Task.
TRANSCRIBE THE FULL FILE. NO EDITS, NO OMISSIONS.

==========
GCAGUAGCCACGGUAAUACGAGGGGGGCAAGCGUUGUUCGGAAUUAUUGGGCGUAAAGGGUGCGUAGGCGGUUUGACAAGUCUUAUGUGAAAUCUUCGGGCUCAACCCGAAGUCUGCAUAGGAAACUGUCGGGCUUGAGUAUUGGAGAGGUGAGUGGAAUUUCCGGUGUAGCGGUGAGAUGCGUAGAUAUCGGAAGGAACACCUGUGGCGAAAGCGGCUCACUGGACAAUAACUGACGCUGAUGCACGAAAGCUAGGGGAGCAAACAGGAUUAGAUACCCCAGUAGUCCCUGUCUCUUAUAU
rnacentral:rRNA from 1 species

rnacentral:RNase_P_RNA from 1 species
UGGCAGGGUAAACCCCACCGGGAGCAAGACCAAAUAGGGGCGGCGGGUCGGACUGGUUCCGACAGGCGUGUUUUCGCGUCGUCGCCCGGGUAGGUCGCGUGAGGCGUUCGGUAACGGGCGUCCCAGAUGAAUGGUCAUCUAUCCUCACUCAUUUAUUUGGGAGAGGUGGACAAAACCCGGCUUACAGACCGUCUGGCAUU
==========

GCAGUAGCCACGGUAAUACGAGGGGGGCAAGCGUUGUUCGGAAUUAUUGGGCGUAAAGGGUGCGUAGGCGGUUUGACAAGUCUUAUGUGAAAUCUUCGGGCUCAACCCGAAGUCUGCAUAGGAAACUGUCGGGCUUGAGUAUUGGAGAGGUGAGUGGAAUUUCCGGUGUAGCGGUGAGAUGCGUAGAUAUCGGAAGGAACACCUGUGGCGAAAGCGGCUCACUGGACAAUAACUGACGCUGAUGCACGAAAGCUAGGGGAGCAAACAGGAUUAGAUACCCCAGUAGUCCCUGUCUCUUAUAU
rnacentral:rRNA from 1 species

rnacentral:RNase_P_RNA from 1 species
UGGCAGGGUAAACCCCACCGGGAGCAAGACCAAAUAGGGGCGGCGGGUCGGACUGGUUCCGACAGGCGUGUUUUCGCGUCGUCGCCCGGGUAGGUCGCGUGAGGCGUUCGGUAACGGGCGUCCCAGAUGAAUGGUCAUCUAUCCUCACUCAUUUAUUUGGGAGAGGUGGACAAAACCCGGCUUACAGACCGUCUGGCAUU